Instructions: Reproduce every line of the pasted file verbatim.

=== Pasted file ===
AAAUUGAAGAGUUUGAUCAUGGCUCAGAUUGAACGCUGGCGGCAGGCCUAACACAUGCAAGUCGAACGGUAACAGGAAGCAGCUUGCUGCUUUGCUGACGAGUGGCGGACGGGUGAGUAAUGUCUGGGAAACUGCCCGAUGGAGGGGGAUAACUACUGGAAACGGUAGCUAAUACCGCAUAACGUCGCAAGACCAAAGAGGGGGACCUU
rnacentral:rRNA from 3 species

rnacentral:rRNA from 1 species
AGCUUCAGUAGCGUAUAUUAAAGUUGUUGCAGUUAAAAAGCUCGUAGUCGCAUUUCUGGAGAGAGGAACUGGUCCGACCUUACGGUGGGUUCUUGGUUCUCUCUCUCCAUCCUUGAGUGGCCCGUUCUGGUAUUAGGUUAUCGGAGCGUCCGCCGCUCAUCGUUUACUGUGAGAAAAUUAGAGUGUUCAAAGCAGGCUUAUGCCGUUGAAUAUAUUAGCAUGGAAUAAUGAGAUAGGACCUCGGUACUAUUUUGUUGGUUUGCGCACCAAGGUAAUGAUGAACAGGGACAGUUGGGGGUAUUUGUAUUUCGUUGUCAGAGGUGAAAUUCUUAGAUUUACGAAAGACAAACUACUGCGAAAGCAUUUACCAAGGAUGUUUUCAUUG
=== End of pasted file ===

AAAUUGAAGAGUUUGAUCAUGGCUCAGAUUGAACGCUGGCGGCAGGCCUAACACAUGCAAGUCGAACGGUAACAGGAAGCAGCUUGCUGCUUUGCUGACGAGUGGCGGACGGGUGAGUAAUGUCUGGGAAACUGCCCGAUGGAGGGGGAUAACUACUGGAAACGGUAGCUAAUACCGCAUAACGUCGCAAGACCAAAGAGGGGGACCUU
rnacentral:rRNA from 3 species

rnacentral:rRNA from 1 species
AGCUUCAGUAGCGUAUAUUAAAGUUGUUGCAGUUAAAAAGCUCGUAGUCGCAUUUCUGGAGAGAGGAACUGGUCCGACCUUACGGUGGGUUCUUGGUUCUCUCUCUCCAUCCUUGAGUGGCCCGUUCUGGUAUUAGGUUAUCGGAGCGUCCGCCGCUCAUCGUUUACUGUGAGAAAAUUAGAGUGUUCAAAGCAGGCUUAUGCCGUUGAAUAUAUUAGCAUGGAAUAAUGAGAUAGGACCUCGGUACUAUUUUGUUGGUUUGCGCACCAAGGUAAUGAUGAACAGGGACAGUUGGGGGUAUUUGUAUUUCGUUGUCAGAGGUGAAAUUCUUAGAUUUACGAAAGACAAACUACUGCGAAAGCAUUUACCAAGGAUGUUUUCAUUG